Jacobson v. Berryhill

Filing 24

ORDER by Hon. James P. Donohue. The Court AFFIRMS the Commissioner's decision.(AE)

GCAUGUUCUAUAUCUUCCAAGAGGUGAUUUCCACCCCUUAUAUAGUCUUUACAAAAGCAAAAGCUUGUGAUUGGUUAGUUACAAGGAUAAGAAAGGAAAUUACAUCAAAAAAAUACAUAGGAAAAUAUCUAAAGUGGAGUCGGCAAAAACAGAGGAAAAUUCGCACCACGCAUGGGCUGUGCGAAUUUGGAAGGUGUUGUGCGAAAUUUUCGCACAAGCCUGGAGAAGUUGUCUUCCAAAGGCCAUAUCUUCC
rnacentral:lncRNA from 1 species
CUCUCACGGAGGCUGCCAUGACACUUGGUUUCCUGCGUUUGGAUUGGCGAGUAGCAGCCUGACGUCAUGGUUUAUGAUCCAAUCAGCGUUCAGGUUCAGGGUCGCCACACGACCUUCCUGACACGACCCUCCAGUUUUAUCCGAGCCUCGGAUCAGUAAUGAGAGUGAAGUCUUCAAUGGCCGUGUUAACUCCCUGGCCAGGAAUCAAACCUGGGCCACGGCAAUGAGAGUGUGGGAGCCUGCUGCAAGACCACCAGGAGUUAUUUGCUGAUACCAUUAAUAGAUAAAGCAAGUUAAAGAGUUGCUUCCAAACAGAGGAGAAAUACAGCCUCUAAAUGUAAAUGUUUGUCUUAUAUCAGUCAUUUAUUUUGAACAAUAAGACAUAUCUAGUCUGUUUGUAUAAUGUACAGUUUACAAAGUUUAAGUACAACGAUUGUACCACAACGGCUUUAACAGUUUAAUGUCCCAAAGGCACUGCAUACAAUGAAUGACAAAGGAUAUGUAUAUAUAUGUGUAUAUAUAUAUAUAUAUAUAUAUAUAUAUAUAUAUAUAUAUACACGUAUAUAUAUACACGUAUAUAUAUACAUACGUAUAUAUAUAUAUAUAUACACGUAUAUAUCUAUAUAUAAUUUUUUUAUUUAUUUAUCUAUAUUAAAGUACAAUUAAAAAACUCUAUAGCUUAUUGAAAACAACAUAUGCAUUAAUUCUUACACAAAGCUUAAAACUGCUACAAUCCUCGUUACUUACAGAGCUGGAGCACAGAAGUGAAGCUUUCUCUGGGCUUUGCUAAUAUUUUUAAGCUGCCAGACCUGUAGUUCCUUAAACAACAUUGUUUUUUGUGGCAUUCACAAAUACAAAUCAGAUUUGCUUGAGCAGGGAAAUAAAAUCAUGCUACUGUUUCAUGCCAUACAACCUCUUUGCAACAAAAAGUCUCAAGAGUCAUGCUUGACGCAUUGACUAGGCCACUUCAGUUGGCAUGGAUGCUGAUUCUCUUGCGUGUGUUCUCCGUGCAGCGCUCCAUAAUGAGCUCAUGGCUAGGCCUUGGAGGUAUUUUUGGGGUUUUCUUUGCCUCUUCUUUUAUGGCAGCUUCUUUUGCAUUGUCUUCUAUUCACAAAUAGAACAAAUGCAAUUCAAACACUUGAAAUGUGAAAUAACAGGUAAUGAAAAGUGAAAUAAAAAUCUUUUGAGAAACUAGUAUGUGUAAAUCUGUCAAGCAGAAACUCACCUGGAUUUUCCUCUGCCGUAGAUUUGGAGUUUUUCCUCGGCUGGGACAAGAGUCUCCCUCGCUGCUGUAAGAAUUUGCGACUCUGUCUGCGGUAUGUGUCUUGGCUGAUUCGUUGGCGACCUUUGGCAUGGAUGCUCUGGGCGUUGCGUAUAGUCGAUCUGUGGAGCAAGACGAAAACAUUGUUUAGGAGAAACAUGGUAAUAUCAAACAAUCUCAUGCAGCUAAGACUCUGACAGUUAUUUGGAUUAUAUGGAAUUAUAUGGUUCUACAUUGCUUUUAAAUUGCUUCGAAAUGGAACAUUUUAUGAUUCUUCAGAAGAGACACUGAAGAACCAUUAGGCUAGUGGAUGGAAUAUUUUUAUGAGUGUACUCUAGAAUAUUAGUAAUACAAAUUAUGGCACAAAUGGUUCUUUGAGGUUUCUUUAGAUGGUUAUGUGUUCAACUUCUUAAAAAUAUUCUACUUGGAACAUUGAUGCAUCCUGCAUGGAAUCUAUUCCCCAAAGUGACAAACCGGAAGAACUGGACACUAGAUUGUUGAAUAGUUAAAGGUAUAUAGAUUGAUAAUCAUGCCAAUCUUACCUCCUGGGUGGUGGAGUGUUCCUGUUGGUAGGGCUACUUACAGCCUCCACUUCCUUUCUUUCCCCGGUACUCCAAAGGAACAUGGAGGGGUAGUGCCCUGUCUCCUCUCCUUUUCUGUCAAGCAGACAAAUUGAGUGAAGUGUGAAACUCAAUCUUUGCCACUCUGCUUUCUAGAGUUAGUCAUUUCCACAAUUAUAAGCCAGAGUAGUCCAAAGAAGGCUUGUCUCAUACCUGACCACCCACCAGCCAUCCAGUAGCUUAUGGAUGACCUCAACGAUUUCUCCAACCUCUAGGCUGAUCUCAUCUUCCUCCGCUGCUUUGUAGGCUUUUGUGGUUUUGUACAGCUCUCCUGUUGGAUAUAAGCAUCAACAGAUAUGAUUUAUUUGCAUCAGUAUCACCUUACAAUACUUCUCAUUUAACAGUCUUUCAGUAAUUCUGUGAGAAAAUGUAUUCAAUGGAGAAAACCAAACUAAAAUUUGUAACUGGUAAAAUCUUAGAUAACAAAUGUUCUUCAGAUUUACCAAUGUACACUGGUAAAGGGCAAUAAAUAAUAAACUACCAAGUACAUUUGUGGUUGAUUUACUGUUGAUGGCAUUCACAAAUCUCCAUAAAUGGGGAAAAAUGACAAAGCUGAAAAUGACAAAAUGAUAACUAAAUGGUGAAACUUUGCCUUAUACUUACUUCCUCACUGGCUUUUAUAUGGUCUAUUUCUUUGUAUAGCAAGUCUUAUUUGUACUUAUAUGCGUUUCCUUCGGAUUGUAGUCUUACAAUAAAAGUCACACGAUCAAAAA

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1 2 3 4 5 6 UNITED STATES DISTRICT COURT WESTERN DISTRICT OF WASHINGTON 7 8 9 10 11 12 Plaintiff, v. ORDER NANCY A. BERRYHILL, Acting Commissioner of Social Security, Defendant. 13 14 NO. C17-5252-JPD BRANDEE JACOBSON, Plaintiff Brandee Jacobson appeals the final decision of the Commissioner of the Social 15 Security Administration (“Commissioner”) that denied her applications for Disability 16 Insurance Benefits (“DIB”) and Supplemental Security Income (“SSI”) under Titles II and XVI 17 of the Social Security Act, 42 U.S.C. §§ 401-33 and 1381-83f, after a hearing before an 18 administrative law judge (“ALJ”). For the reasons set forth below, the Court AFFIRMS the 19 Commissioner’s decision. 20 21 I. FACTS AND PROCEDURAL HISTORY Plaintiff is a 42-year-old woman with a high school diploma and two years of college 22 education. Administrative Record (“AR”) at 49. Her past work experience includes 23 employment as a motel housekeeper, retail inventory control supervisor, hospital cafeteria 24 helper, and retail store manager. AR at 301. Plaintiff was last gainfully employed in ORDER - 1 1 2 November 2011. Id. In October 2013, Plaintiff applied for SSI and DIB, alleging an onset date of November 3 1, 2011. AR at 273-86. Plaintiff asserts that she is disabled due to left shoulder problems, 4 possible attention deficit disorder, post-traumatic stress disorder, right foot problems, pituitary 5 issues, and arthritis. AR at 300. 6 The Commissioner denied Plaintiff’s applications initially and on reconsideration. AR 7 at 222-25, 228-29, 232-33. Plaintiff requested a hearing, which took place on April 8, 2015. 8 AR at 43-145. On July 31, 2015, the ALJ issued a decision finding Plaintiff not disabled and 9 denied benefits based on his finding that Plaintiff could perform her past relevant work, as well 10 as a specific job existing in significant numbers in the national economy. AR at 26-37. After 11 reviewing additional evidence, the Appeals Council denied Plaintiff’s request for review. AR 12 at 1-7. On April 4, 2017, Plaintiff timely filed the present action challenging the 13 Commissioner’s decision. Dkt. 1, 3. II. 14 15 16 Jurisdiction to review the Commissioner’s decision exists pursuant to 42 U.S.C. §§ 405(g) and 1383(c)(3). III. 17 18 JURISDICTION STANDARD OF REVIEW Pursuant to 42 U.S.C. § 405(g), this Court may set aside the Commissioner’s denial of 19 social security benefits when the ALJ’s findings are based on legal error or not supported by 20 substantial evidence in the record as a whole. Bayliss v. Barnhart, 427 F.3d 1211, 1214 (9th 21 Cir. 2005). “Substantial evidence” is more than a scintilla, less than a preponderance, and is 22 such relevant evidence as a reasonable mind might accept as adequate to support a conclusion. 23 Richardson v. Perales, 402 U.S. 389, 401 (1971); Magallanes v. Bowen, 881 F.2d 747, 750 24 (9th Cir. 1989). The ALJ is responsible for determining credibility, resolving conflicts in ORDER - 2 1 medical testimony, and resolving any other ambiguities that might exist. Andrews v. Shalala, 2 53 F.3d 1035, 1039 (9th Cir. 1995). While the Court is required to examine the record as a 3 whole, it may neither reweigh the evidence nor substitute its judgment for that of the 4 Commissioner. Thomas v. Barnhart, 278 F.3d 947, 954 (9th Cir. 2002). When the evidence is 5 susceptible to more than one rational interpretation, it is the Commissioner’s conclusion that 6 must be upheld. Id. IV. 7 8 EVALUATING DISABILITY As the claimant, Ms. Jacobson bears the burden of proving that she is disabled within 9 the meaning of the Social Security Act (the “Act”). Meanel v. Apfel, 172 F.3d 1111, 1113 (9th 10 Cir. 1999) (internal citations omitted). The Act defines disability as the “inability to engage in 11 any substantial gainful activity” due to a physical or mental impairment which has lasted, or is 12 expected to last, for a continuous period of not less than twelve months. 42 U.S.C. §§ 13 423(d)(1)(A), 1382c(a)(3)(A). A claimant is disabled under the Act only if her impairments 14 are of such severity that she is unable to do her previous work, and cannot, considering her age, 15 education, and work experience, engage in any other substantial gainful activity existing in the 16 national economy. 42 U.S.C. §§ 423(d)(2)(A); see also Tackett v. Apfel, 180 F.3d 1094, 1098- 17 99 (9th Cir. 1999). 18 The Commissioner has established a five step sequential evaluation process for 19 determining whether a claimant is disabled within the meaning of the Act. See 20 C.F.R. §§ 20 404.1520, 416.920. The claimant bears the burden of proof during steps one through four. At 21 step five, the burden shifts to the Commissioner. Id. If a claimant is found to be disabled at 22 any step in the sequence, the inquiry ends without the need to consider subsequent steps. Step 23 one asks whether the claimant is presently engaged in “substantial gainful activity.” 20 C.F.R. 24 ORDER - 3 1 §§ 404.1520(b), 416.920(b).1 If she is, disability benefits are denied. If she is not, the 2 Commissioner proceeds to step two. At step two, the claimant must establish that she has one 3 or more medically severe impairments, or combination of impairments, that limit her physical 4 or mental ability to do basic work activities. If the claimant does not have such impairments, 5 she is not disabled. 20 C.F.R. §§ 404.1520(c), 416.920(c). If the claimant does have a severe 6 impairment, the Commissioner moves to step three to determine whether the impairment meets 7 or equals any of the listed impairments described in the regulations. 20 C.F.R. §§ 404.1520(d), 8 416.920(d). A claimant whose impairment meets or equals one of the listings for the required 9 twelve-month duration requirement is disabled. Id. 10 When the claimant’s impairment neither meets nor equals one of the impairments listed 11 in the regulations, the Commissioner must proceed to step four and evaluate the claimant’s 12 residual functional capacity (“RFC”). 20 C.F.R. §§ 404.1520(e), 416.920(e). Here, the 13 Commissioner evaluates the physical and mental demands of the claimant’s past relevant work 14 to determine whether she can still perform that work. 20 C.F.R. §§ 404.1520(f), 416.920(f). If 15 the claimant is able to perform her past relevant work, she is not disabled; if the opposite is 16 true, then the burden shifts to the Commissioner at step five to show that the claimant can 17 perform other work that exists in significant numbers in the national economy, taking into 18 consideration the claimant’s RFC, age, education, and work experience. 20 C.F.R. §§ 19 404.1520(g), 416.920(g); Tackett, 180 F.3d at 1099, 1100. If the Commissioner finds the 20 claimant is unable to perform other work, then the claimant is found disabled and benefits may 21 be awarded. 22 23 24 1 Substantial gainful activity is work activity that is both substantial, i.e., involves significant physical and/or mental activities, and gainful, i.e., performed for profit. 20 C.F.R. § 404.1572. ORDER - 4 V. 1 DECISION BELOW 2 On July 31, 2015, the ALJ found: 3 1. The claimant meets the insured status requirements of the Act through December 31, 2016. 2. The claimant has not engaged in substantial gainful activity since November 1, 2011, the alleged onset date. 3. The claimant’s affective disorder, anxiety disorder, personality disorder, degenerative disk disease of the cervical spine, and left side carpal tunnel syndrome are severe impairments. 4. The claimant does not have an impairment or combination of impairments that meets or medically equals the severity of one of the listed impairments in 20 C.F.R. Part 404, Subpart P, Appendix 1. 5. The claimant has the RFC to perform light work as defined in 20 C.F.R. §§ 404.1567(b) and 416.967(b), with additional limitations. She is able to stand and/or walk for 2-hour intervals for a total 8 hours a day with normal breaks. She is able to sit for 2-hour intervals for a total of 8 hours a day with normal breaks. She cannot climb ladders, ropes, or scaffolds. She can perform occasional overhead reaching or lifting. She can have only occasional exposure to extreme cold or hazards. She can crawl frequently. She is able to remember, understand, and carry out instructions and tasks generally required by occupations with a specific vocational preparation code of 1-2. She should be assigned work that can be completed without the assistance of others, but assistance would not be precluded. She should not work in a team setting. She can have occasional, superficial interaction with the general public. Work tasks should not require planning or goal setting. 6. The claimant is capable of performing past relevant work as a housekeeper, and, in the alternative, can perform other jobs that exist in significant numbers in the national economy. 7. The claimant has not been under a disability, as defined in the Act, from November 1, 2011, through the date of the decision. 4 5 6 7 8 9 10 11 12 13 14 15 16 17 18 19 20 21 AR at 28-36. VI. 22 ISSUES ON APPEAL 23 The principal issues on appeal are: 24 1. ORDER - 5 Whether the ALJ erred in discounting the opinion of examining psychologist Russell Bragg, Ph.D.; 1 2 2. Whether the ALJ erred in discounting Plaintiff’s subjective testimony; and 3 3. Whether the ALJ erred in discounting a statement written by Plaintiff’s friend, Ginger Peterhansen. 4 Dkt. 19 at 1. 5 6 7 VII. A. DISCUSSION The ALJ did not err in discounting Dr. Bragg’s opinion. Dr. Bragg examined Plaintiff in November 2013, and completed a DSHS form opinion. 8 AR at 387-90. The ALJ discounted Dr. Bragg’s opinion in light of the contrary opinion of 9 John Lloyd, Ph.D., who performed neurocognitive testing that was more thorough than the 10 mental status examination performed by Dr. Bragg. AR at 34. The ALJ also noted that Dr. 11 Bragg did not review any of the medical record and his opinion was therefore based on only 12 his one-time examination of Plaintiff. Id. Lastly, the ALJ found Dr. Bragg’s opinion 13 regarding Plaintiff’s social functioning to be inconsistent with the medical record as well as 14 Plaintiff’s work history. Id. The Court will consider Plaintiff’s challenges to the ALJ’s 15 assessment of Dr. Bragg’s opinion. 16 1. 17 As a matter of law, more weight is given to a treating physician’s opinion than to that Legal standards 18 of a non-treating physician because a treating physician “is employed to cure and has a greater 19 opportunity to know and observe the patient as an individual.” Magallanes, 881 F.2d at 751; 20 see also Orn v. Astrue, 495 F.3d 625, 631 (9th Cir. 2007). A treating physician’s opinion, 21 however, is not necessarily conclusive as to either a physical condition or the ultimate issue of 22 disability, and can be rejected, whether or not that opinion is contradicted. Magallanes, 881 23 F.2d at 751. If an ALJ rejects the opinion of a treating or examining physician, the ALJ must 24 give clear and convincing reasons for doing so if the opinion is not contradicted by other ORDER - 6 1 evidence, and specific and legitimate reasons if it is. Reddick v. Chater, 157 F.3d 715, 725 2 (9th Cir. 1988). “This can be done by setting out a detailed and thorough summary of the facts 3 and conflicting clinical evidence, stating his interpretation thereof, and making findings.” Id. 4 (citing Magallanes, 881 F.2d at 751). The ALJ must do more than merely state his/her 5 conclusions. “He must set forth his own interpretations and explain why they, rather than the 6 doctors’, are correct.” Id. (citing Embrey v. Bowen, 849 F.2d 418, 421-22 (9th Cir. 1988)). 7 Such conclusions must at all times be supported by substantial evidence. Reddick, 157 F.3d at 8 725. 9 The opinions of examining physicians are to be given more weight than non-examining 10 physicians. Lester v. Chater, 81 F.3d 821, 830 (9th Cir. 1995). Like treating physicians, the 11 uncontradicted opinions of examining physicians may not be rejected without clear and 12 convincing evidence. Id. An ALJ may reject the controverted opinions of an examining 13 physician only by providing specific and legitimate reasons that are supported by the record. 14 Bayliss, 427 F.3d at 1216. 15 2. 16 The ALJ noted that Dr. Bragg did not review any of Plaintiff’s treatment records, and Record review 17 examined Plaintiff only once. AR at 34. The depth of a provider’s relationship with a 18 claimant is a proper consideration, when weighing a provider’s opinion. See 20 C.F.R. §§ 19 404.1527(c), 416. 927(c). The ALJ noted that the State agency reviewers had access to more 20 of the record than any other physicians. AR at 33. 21 Plaintiff emphasizes that the State agency reviewers only had access to the treatment 22 notes, which is true, but does not dispute that, as found by the ALJ, they had access to more 23 documents than did Dr. Bragg. Dkt. 19 at 3. The ALJ reasonably concluded that Dr. Bragg’s 24 opinions as to Plaintiff’s ability to learn new tasks and complete a normal workday/workweek ORDER - 7 1 in particular lacked foundation, in light of Dr. Bragg’s lack of knowledge as to Plaintiff’s 2 longitudinal records. AR at 34. This reasoning is specific and legitimate. 3 3. 4 The ALJ also noted that Dr. Lloyd’s test results were more thorough and therefore Dr. Lloyd’s testing 5 more compelling than Dr. Bragg’s test results. AR at 34. Plaintiff argues that this finding was 6 “superfluous” because the ALJ’s RFC assessment is more consistent with Dr. Bragg’s opinion 7 than Dr. Lloyd’s opinion. Dkt. 19 at 4. This argument does not establish error in the ALJ’s 8 decision, because it only identifies consistency between the ALJ’s RFC assessment and Dr. 9 Bragg’s opinion. See SSR 96-8p, 1996 WL 374184, at *7 (Jul. 2, 1996) (“If the RFC 10 assessment conflicts with an opinion from a medical source, the adjudicator must explain why 11 the opinion was not adopted.”). Consistency between the ALJ’s decision and Dr. Bragg’s 12 opinion does not tend to show that the ALJ erred in discounting Dr. Bragg’s opinion. 13 Accordingly, the Court does not find error in the ALJ’s finding that Dr. Lloyd’s testing was 14 more thorough than Dr. Bragg’s, and therefore entitled to more weight. 15 4. 16 The ALJ found that Dr. Bragg’s opinion that Plaintiff had several marked/severe social Social limitations 17 limitations (AR at 390) was inconsistent with her ability to interact appropriately with her 18 medical providers, live with a roommate, and visit friends, as well as her ability to work for 19 years as a retail store manager. AR at 29, 33, 34. Although Plaintiff argues that her ability to 20 work in the past is not relevant (Dkt. 19 at 4), this argument is not persuasive in light of her 21 allegation that she had experienced mental symptoms for her entire life, as explained supra. 22 Furthermore, although Plaintiff emphasizes that she had problems leaving her bed and home 23 (Dkt. 19 at 5), as found by the ALJ, Plaintiff also reported participating in a variety of activities 24 outside her home. AR at 33. The ALJ’s citation to evidence inconsistent with Dr. Bragg’s ORDER - 8 1 opined limitations is a specific and legitimate reason to discount Dr. Bragg’s opinion. See 2 Rollins v. Massanari, 261 F.3d 853, 856 (9th Cir. 2001) (affirming an ALJ’s rejection of a 3 treating physician’s opinion that was inconsistent with the claimant’s level of activity). 4 B. 5 The ALJ did not err in discounting Plaintiff’s subjective testimony. The ALJ provided three reasons to discount Plaintiff’s subjective testimony, citing (1) 6 objective medical evidence that is inconsistent with or fails to corroborate Plaintiff’s 7 allegations; (2) Plaintiff’s ability to work despite her alleged mental limitations; and (3) 8 Plaintiff’s ability to interact with others and use the bus and her bicycle for transportation 9 shows that she was more limited than alleged. AR at 31-33. Plaintiff argues that these reasons 10 are not legally sufficient and/or inaccurate. 11 1. 12 As noted above, it is the province of the ALJ to determine what weight should be Legal standards 13 afforded to a claimant’s testimony, and this determination will not be disturbed unless it is not 14 supported by substantial evidence. A determination of whether to accept a claimant’s 15 subjective symptom testimony requires a two-step analysis. 20 C.F.R. §§ 404.1529, 416.929; 16 Smolen, 80 F.3d at 1281. First, the ALJ must determine whether there is a medically 17 determinable impairment that reasonably could be expected to cause the claimant’s symptoms. 18 20 C.F.R. §§ 404.1529(b), 416.929(b); Smolen, 80 F.3d at 1281-82. Once a claimant produces 19 medical evidence of an underlying impairment, the ALJ may not discredit the claimant’s 20 testimony as to the severity of symptoms solely because they are unsupported by objective 21 medical evidence. Bunnell v. Sullivan, 947 F.2d 341, 343 (9th Cir. 1991) (en banc); Reddick v. 22 Chater, 157 F.3d 715, 722 (9th Cir. 1988). Absent affirmative evidence showing that the 23 claimant is malingering, the ALJ must provide “clear and convincing” reasons for rejecting the 24 ORDER - 9 1 claimant’s testimony.2 Burrell v. Colvin 775 F.3d 1133, 1136-37 (9th Cir. 2014) (citing 2 Molina v. Astrue, 674 F.3d 1104, 1112 (9th Cir. 2012)). See also Lingenfelter v. Astrue, 504 3 F.3d 1028, 1036 (9th Cir. 2007). 4 When evaluating a claimant’s subjective symptom testimony, the ALJ must specifically 5 identify what testimony is not credible and what evidence undermines the claimant’s 6 complaints; general findings are insufficient. Smolen, 80 F.3d at 1284; Reddick, 157 F.3d at 7 722. The ALJ may consider “ordinary techniques of credibility evaluation,” including a 8 claimant’s reputation for truthfulness, inconsistencies in testimony or between testimony and 9 conduct, daily activities, work record, and testimony from physicians and third parties 10 concerning the nature, severity, and effect of the alleged symptoms. Thomas, 278 F.3d at 958- 11 59 (citing Light v. Social Sec. Admin., 119 F.3d 789, 792 (9th Cir. 1997)). 12 2. 13 The ALJ pointed to inconsistencies in the objective medical evidence that undermined 14 Plaintiff’s allegations. For example, the ALJ cited clinical notes dated mere days apart, where 15 Plaintiff reported dramatically different symptoms. AR at 31-32. The ALJ also explained that 16 Plaintiff’s providers occasionally noted abnormal symptoms, but most treatment notes 17 indicated mild or minimal deficits. AR at 32-33. The ALJ also found that Plaintiff’s reported 18 three suicide attempts in 2013 were not corroborated in the record. 19 Medical evidence Plaintiff argues that the ALJ erred in finding that the variability between her reports 20 21 22 23 24 2 In Social Security Ruling (“SSR”) 16-3p, the Social Security Administration rescinded SSR 96-7p, eliminated the term “credibility” from its sub-regulatory policy, clarified that “subjective symptom evaluation is not an examination of an individual’s character[,]” and indicated it would more “more closely follow [its] regulatory language regarding symptom evaluation.” SSR 16-3p. However, this change is effective March 28, 2016, and not applicable to the 2015 ALJ decision in this case. The Court, moreover, continues to cite to relevant case law utilizing the term credibility. ORDER - 10 1 undermined her veracity, because she reported that her symptoms waxed and waned, and 2 therefore variability was not inconsistent with her allegations. Dkt. 19 at 6-7. Plaintiff also 3 argues that the mild or minimal deficits noted by the ALJ did not contradict her allegations. 4 Dkt. 19 at 7-8. Lastly, Plaintiff argues that the ALJ overlooked the fact that her administrative 5 record did not contain records from California, where Plaintiff was living at the time of her 6 suicide attempts, which explains why they are unsubstantiated in the record. Dkt. 19 at 8-9. 7 Plaintiff has not shown that the ALJ erred in assessing the objective medical record. 8 The ALJ acknowledged that Plaintiff sometimes reported functional limitations, but accurately 9 described the record as demonstrating mostly normal functioning, even when Plaintiff was not 10 taking medication. The ALJ also found that Plaintiff’s allegedly disabling physical limitations 11 caused by carpal tunnel syndrome and her neck problems were inconsistent with her 12 conservative treatment and lack of prescribed pain medication (AR at 33), and Plaintiff did not 13 specifically challenge this reasoning in her briefing. Contrary to Plaintiff’s briefing (Dkt. 19 at 14 7), the ALJ identified specific inconsistencies in the medical record that undermine Plaintiff’s 15 allegations, and this reasoning is clear and convincing. 16 Plaintiff’s argument regarding the omitted records is also not persuasive. Plaintiff 17 reported to Dr. Bragg that she slit her throat with a knife and ingested an entire bottle of 18 Benadryl in July 2013, and tried to light herself on fire in September 2013. AR at 387-88. 19 Plaintiff argues that the records dating to those time periods were not included in the 20 administrative record, and suggests that the ALJ erred in failing to obtain those records. Dkt. 21 19 at 9. But it is Plaintiff’s obligation to present the evidence necessary to establish her claim. 22 See 20 C.F.R. §§ 404.704 (“When evidence is needed to prove your eligibility or your right to 23 continue benefit payments, you will be responsible for obtaining and giving the evidence to 24 us.”), 416.912 (“You must inform us about or submit all evidence known to you that relates to ORDER - 11 1 whether or not you are blind or disabled . . .”). The ALJ did not err in considering the extent to 2 which Plaintiff’s allegations were corroborated by the evidence in the record. See AR at 89-90 3 (ALJ’s discussion of the record with Plaintiff’s attorney). 4 3. 5 The ALJ noted that Plaintiff testified that her mental symptoms have existed most of 6 her life, and could not explain why she had been able to work in the past but could not now. 7 AR at 33. Plaintiff argues that her suicide attempts indicate that her condition worsened after 8 she stopped working, and that subsequent (unspecified) records indicate that her symptoms 9 were disabling, even if she could not explain why. Dkt. 19 at 9. 10 Work history An ALJ does not err in considering whether a claimant had formerly worked with the 11 same symptoms now described as disabling. See Drouin v. Sullivan, 966 F.2d 1255, 1258 (9th 12 Cir. 1992) (“She was able to hold two previous jobs with a fair amount of success, and even if 13 those particular jobs are, as she claims, too taxing for her, the vocational counselor testified 14 that she is qualified for thousands of less strenuous jobs.”); Gregory v. Bowen, 844 F.2d 664, 15 666-67 (9th Cir. 1988) (“Furthermore, substantial evidence indicated that the condition of 16 Gregory’s back had remained constant for a number of years and that her back problems had 17 not prevented her from working over that time.”). Plaintiff has not cited any evidence in the 18 administrative record indicating that her symptoms worsened since she last worked, and this 19 contention contradicts her own hearing testimony that her symptoms were lifelong. See AR at 20 78-81. Under these circumstances, the ALJ did not err in finding that Plaintiff’s ability to work 21 with the same symptoms undermined her allegation of disability. 22 4. 23 The ALJ found that although Plaintiff had alleged that she was unable to leave her bed 24 Social interaction most days and could not interact with other people, she also reported that she had spent time ORDER - 12 1 with friends on weekends, had a roommate, completed household chores, used the bus, and 2 frequently walked and rode her bicycle for transportation. AR at 33. Plaintiff argues that the 3 activities cited by the ALJ were isolated events, and did not represent her overall functioning 4 during the adjudicated period. Dkt. 19 at 10-11. Plaintiff also contends that the ALJ’s 5 reference to her walking, riding her bicycle, and taking the bus were unexplained and therefore 6 erroneous. 7 As noted by the Commissioner, the activities listed by the ALJ were mentioned 8 throughout the administrative record, and not only sporadically. See Dkt. 21 (citing AR at 388, 9 522, 534-35, 583, 595). Plaintiff had not, however, alleged that she could not leave her bed; 10 she testified that she stayed in bed all day at least three days per week (AR at 103), but also 11 described activities performed on other days (AR at 103-21). Thus, Plaintiff’s reports of 12 activities performed outside her room do not contradict her testimony, because she did not 13 testify that she was bedridden. The ALJ overstated Plaintiff’s allegations in this respect, but 14 this error is harmless in light of the remaining valid reasons to discount Plaintiff’s testimony. 15 See Carmickle v. Comm’r of Social Sec. Admin., 533 F.3d 1155, 1162-63 (9th Cir. 2008). 16 C. 17 The ALJ did not err in discounting Ms. Peterhansen’s statement. The ALJ considered Ms. Peterhansen’s statement, and found that it described generally 18 the same allegations made by Plaintiff and was therefore discounted for the same reasons 19 Plaintiff’s statements were discounted. AR at 34. The ALJ also noted that Ms. Peterhansen 20 asserted that Plaintiff can attend appointments, which suggests that she can leave her house 21 when she needs to. Id. 22 An ALJ’s reasons to discount a lay witness statement must be germane. Dodrill v. 23 Shalala, 12 F.3d 915, 918-19 (9th Cir. 1993). Because, as explained supra, the ALJ did not err 24 in discounting Plaintiff’s own testimony, the ALJ did not err in discounting Ms. Peterhansen’s ORDER - 13 1 similar testimony. See Valentine v. Comm’r of Social Sec. Admin., 574 F.3d 685, 694 (9th Cir. 2 2009) (because “the ALJ provided clear and convincing reasons for rejecting [the claimant’s] 3 own subjective complaints, and because [the lay witness’s] testimony was similar to such 4 complaints, it follows that the ALJ also gave germane reasons for rejecting [the lay witness’s] 5 testimony”). VIII. 6 7 CONCLUSION The role of this Court is limited. As noted above, the ALJ is responsible for 8 determining credibility, resolving conflicts in medical testimony, and resolving any other 9 ambiguities that might exist. Andrews, 53 F.3d at 1039. When the evidence is susceptible to 10 more than one rational interpretation, it is the Commissioner’s conclusion that must be upheld. 11 Thomas, 278 F.3d at 954. While it may be possible to evaluate the evidence as Plaintiff 12 suggests, it is not possible to conclude that Plaintiff’s interpretation is the only rational 13 interpretation. 14 For the foregoing reasons, the Court AFFIRMS the Commissioner’s decision. 15 DATED this 4th day of December, 2017. A 16 17 JAMES P. DONOHUE Chief United States Magistrate Judge 18 19 20 21 22 23 24 ORDER - 14